• Identify triggers that could cause an anaphylactic reaction; 
  • Describe the signs and symptoms of an anaphylactic reaction; 
  • Describe the management of a patient with an anaphylactic reaction; 
  • State the dose and route of adrenaline (epinephrine) to be administered to an adult; 
  • Know how and where to gain safe and appropriate access to  Adrenaline.

Successful completion of this learning module indicates you have met the learning objectives.  It supports increasing your knowledge regarding how to deal with an anaphylactic reaction in an adult.  You may wish to discuss the associated learning outcomes alongside any local, relevant issues with your peers.   

This resource should be viewed in tandem with local policy in the facility within which you are based and in conjunction with standard guidance for managing a deteriorating person/ cardiac arrest.   

Links at the base of this page can guide you to supplementary resources. 

In this context, it is important that a registered nurse in any health and care setting 

  • Always functions within their scope of professional practice
  • Can respond effectively in a potential emergency, following local protocol to manage an emergency situation
  • Is current with recommendations for access to and administration of emergency medication such as adrenaline within the facility they are based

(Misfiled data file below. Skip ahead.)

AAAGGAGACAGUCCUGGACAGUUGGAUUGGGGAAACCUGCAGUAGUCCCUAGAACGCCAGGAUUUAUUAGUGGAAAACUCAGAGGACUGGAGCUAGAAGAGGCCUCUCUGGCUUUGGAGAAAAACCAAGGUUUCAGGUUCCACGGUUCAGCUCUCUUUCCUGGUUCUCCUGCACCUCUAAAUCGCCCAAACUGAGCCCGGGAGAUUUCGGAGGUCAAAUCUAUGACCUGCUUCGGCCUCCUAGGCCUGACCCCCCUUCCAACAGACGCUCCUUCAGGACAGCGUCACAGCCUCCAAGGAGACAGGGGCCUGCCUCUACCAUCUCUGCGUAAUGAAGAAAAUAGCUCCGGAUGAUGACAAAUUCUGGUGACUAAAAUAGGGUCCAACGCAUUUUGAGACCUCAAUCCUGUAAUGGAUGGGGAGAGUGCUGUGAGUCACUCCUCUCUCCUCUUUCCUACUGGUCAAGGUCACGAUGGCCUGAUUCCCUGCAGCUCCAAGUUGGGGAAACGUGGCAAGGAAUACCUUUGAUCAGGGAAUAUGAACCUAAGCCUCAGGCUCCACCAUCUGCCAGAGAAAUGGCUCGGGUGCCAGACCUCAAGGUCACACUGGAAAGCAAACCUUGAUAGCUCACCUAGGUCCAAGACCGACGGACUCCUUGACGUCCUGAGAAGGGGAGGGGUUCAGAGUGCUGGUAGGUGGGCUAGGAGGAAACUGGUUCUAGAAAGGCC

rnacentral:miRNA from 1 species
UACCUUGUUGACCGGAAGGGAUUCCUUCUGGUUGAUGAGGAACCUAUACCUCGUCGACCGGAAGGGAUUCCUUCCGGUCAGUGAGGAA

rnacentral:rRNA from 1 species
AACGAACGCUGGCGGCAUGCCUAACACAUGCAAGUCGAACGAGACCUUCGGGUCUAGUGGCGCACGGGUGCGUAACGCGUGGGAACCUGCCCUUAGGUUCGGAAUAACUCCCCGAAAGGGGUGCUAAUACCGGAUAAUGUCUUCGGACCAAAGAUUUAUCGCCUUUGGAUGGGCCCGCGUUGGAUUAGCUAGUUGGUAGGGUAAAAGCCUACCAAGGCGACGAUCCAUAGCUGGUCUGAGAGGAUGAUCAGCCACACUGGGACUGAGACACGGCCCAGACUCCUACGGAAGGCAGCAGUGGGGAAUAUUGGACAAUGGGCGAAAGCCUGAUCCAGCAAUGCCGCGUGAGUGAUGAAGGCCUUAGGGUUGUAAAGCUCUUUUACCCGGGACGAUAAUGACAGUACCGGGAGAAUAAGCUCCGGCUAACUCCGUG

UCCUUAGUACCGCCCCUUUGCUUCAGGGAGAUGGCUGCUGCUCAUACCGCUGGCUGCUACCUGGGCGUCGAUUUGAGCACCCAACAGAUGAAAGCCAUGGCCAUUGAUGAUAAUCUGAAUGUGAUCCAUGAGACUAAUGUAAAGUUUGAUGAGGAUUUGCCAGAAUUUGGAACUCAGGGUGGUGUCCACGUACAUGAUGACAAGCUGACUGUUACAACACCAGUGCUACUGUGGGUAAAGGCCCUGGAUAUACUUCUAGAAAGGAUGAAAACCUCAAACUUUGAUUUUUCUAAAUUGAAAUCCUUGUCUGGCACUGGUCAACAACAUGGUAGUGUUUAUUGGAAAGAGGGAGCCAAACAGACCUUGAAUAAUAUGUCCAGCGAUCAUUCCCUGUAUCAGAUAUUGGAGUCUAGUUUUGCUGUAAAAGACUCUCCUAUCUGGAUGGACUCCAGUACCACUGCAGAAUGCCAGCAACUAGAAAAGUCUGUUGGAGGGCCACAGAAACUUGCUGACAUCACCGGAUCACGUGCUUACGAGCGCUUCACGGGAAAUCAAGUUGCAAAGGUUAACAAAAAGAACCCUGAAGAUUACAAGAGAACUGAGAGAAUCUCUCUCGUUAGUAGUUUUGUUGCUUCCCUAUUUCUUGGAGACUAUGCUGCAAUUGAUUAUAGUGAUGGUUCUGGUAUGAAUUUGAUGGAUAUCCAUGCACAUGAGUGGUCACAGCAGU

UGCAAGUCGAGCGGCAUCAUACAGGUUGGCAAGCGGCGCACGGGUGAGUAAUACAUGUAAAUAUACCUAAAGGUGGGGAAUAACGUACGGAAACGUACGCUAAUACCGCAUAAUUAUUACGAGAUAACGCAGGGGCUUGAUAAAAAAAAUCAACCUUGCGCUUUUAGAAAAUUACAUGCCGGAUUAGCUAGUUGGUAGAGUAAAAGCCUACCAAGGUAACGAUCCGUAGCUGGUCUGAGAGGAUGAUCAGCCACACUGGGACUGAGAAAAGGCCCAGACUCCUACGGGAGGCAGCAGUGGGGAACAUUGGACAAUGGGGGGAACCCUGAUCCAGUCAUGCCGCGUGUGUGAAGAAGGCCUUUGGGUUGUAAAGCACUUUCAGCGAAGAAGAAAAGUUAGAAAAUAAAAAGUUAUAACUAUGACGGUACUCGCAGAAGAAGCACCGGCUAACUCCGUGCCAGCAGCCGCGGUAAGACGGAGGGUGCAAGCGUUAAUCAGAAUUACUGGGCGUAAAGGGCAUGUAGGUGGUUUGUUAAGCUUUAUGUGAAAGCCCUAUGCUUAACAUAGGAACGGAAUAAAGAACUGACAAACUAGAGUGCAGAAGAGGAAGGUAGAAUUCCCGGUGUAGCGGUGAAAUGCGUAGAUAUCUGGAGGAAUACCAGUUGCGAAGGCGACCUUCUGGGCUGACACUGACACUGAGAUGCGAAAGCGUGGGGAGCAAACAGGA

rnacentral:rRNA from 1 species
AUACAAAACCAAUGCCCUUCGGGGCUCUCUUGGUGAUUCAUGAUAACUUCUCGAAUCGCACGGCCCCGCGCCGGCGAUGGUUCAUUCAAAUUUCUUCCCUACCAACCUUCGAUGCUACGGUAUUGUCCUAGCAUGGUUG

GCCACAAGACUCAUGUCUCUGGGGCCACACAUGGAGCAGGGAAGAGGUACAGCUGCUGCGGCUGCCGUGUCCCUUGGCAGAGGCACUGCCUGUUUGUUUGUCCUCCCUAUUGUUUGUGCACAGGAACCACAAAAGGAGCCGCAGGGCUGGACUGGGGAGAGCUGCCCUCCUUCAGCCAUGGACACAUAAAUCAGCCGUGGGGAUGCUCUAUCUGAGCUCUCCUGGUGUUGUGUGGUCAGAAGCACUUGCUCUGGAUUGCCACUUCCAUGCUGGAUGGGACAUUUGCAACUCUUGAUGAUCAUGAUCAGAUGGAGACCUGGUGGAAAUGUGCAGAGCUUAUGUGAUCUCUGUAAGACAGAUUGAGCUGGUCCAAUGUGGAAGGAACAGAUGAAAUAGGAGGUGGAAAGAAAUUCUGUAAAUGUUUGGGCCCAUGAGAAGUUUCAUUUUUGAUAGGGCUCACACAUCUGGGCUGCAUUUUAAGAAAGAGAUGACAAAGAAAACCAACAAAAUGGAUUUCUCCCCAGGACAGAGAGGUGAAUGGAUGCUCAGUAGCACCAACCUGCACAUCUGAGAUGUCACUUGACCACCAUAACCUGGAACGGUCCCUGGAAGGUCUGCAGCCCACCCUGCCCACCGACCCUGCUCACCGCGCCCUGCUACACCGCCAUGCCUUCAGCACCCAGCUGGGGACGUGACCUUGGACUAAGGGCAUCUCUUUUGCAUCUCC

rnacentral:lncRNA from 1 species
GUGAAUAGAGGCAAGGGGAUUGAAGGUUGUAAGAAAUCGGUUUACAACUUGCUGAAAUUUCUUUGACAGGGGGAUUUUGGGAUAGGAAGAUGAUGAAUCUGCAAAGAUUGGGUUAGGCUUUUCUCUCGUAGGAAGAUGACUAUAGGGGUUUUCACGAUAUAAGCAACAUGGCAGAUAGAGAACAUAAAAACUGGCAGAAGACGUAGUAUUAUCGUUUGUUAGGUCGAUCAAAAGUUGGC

• Knows where and how to access such medication 

This eLearning module was developed by NHS Grampian, in accordance with guidance from the Resuscitation Council UK.  It refers to NHS Grampian regarding access to medication (Adrenaline) and administration in an emergency situation. Any such references should be replaced by  local policy in your care facility. 

Useful learning resources: 

  1. Resuscitation Council UK: Emergency Treatment of Anaphylactic Reactions   https://www.resus.org.uk/sites/default/files/2020-06/EmergencyTreatmentOfAnaphylacticReactionsPPT.pdf 
  2. Recognising a deteriorating person; guidance regarding how to respond when an adult deteriorates can be found at the following link

Guidance for GP practices on ACP Conversations with People with Dementia living in the Community during COVID-19

The Chief Medical Officer has issued new guidance for GPs and primary care practitioners on managing Anticipatory Care Planning conversations with people with dementia and their families and carers.

Please see below for letter and guidance.

Chief Medical Officer - final version - SGHDCMO(2002)24 - ACP guidelines - 11 September 2020

Dementia - COVID-19 ACP guidance